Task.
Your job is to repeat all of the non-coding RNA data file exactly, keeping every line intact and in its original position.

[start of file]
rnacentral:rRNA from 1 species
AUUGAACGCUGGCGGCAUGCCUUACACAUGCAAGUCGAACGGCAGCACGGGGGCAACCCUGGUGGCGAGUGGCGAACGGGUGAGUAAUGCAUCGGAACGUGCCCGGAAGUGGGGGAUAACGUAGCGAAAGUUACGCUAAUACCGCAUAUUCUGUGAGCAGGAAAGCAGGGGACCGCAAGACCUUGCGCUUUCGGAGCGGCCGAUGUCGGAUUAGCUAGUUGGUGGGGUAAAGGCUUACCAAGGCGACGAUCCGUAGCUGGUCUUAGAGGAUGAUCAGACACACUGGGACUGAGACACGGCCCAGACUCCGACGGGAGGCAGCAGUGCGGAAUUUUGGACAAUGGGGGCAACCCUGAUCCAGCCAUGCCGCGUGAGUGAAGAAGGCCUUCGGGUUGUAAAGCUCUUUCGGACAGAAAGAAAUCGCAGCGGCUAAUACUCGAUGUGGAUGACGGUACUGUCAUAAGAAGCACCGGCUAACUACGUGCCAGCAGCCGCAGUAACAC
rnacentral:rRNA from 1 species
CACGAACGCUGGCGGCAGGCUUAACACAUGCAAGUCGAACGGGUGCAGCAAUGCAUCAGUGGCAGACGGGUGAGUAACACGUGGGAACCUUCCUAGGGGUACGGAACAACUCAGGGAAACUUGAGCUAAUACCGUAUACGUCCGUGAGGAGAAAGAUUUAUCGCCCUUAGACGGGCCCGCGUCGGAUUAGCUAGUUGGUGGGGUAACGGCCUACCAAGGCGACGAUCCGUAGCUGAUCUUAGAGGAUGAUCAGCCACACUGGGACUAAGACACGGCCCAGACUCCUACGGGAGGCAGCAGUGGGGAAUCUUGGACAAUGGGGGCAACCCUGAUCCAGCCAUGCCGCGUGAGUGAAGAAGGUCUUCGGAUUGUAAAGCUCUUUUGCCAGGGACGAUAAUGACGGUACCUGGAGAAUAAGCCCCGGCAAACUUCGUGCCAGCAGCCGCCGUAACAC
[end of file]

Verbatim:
rnacentral:rRNA from 1 species
AUUGAACGCUGGCGGCAUGCCUUACACAUGCAAGUCGAACGGCAGCACGGGGGCAACCCUGGUGGCGAGUGGCGAACGGGUGAGUAAUGCAUCGGAACGUGCCCGGAAGUGGGGGAUAACGUAGCGAAAGUUACGCUAAUACCGCAUAUUCUGUGAGCAGGAAAGCAGGGGACCGCAAGACCUUGCGCUUUCGGAGCGGCCGAUGUCGGAUUAGCUAGUUGGUGGGGUAAAGGCUUACCAAGGCGACGAUCCGUAGCUGGUCUUAGAGGAUGAUCAGACACACUGGGACUGAGACACGGCCCAGACUCCGACGGGAGGCAGCAGUGCGGAAUUUUGGACAAUGGGGGCAACCCUGAUCCAGCCAUGCCGCGUGAGUGAAGAAGGCCUUCGGGUUGUAAAGCUCUUUCGGACAGAAAGAAAUCGCAGCGGCUAAUACUCGAUGUGGAUGACGGUACUGUCAUAAGAAGCACCGGCUAACUACGUGCCAGCAGCCGCAGUAACAC
rnacentral:rRNA from 1 species
CACGAACGCUGGCGGCAGGCUUAACACAUGCAAGUCGAACGGGUGCAGCAAUGCAUCAGUGGCAGACGGGUGAGUAACACGUGGGAACCUUCCUAGGGGUACGGAACAACUCAGGGAAACUUGAGCUAAUACCGUAUACGUCCGUGAGGAGAAAGAUUUAUCGCCCUUAGACGGGCCCGCGUCGGAUUAGCUAGUUGGUGGGGUAACGGCCUACCAAGGCGACGAUCCGUAGCUGAUCUUAGAGGAUGAUCAGCCACACUGGGACUAAGACACGGCCCAGACUCCUACGGGAGGCAGCAGUGGGGAAUCUUGGACAAUGGGGGCAACCCUGAUCCAGCCAUGCCGCGUGAGUGAAGAAGGUCUUCGGAUUGUAAAGCUCUUUUGCCAGGGACGAUAAUGACGGUACCUGGAGAAUAAGCCCCGGCAAACUUCGUGCCAGCAGCCGCCGUAACAC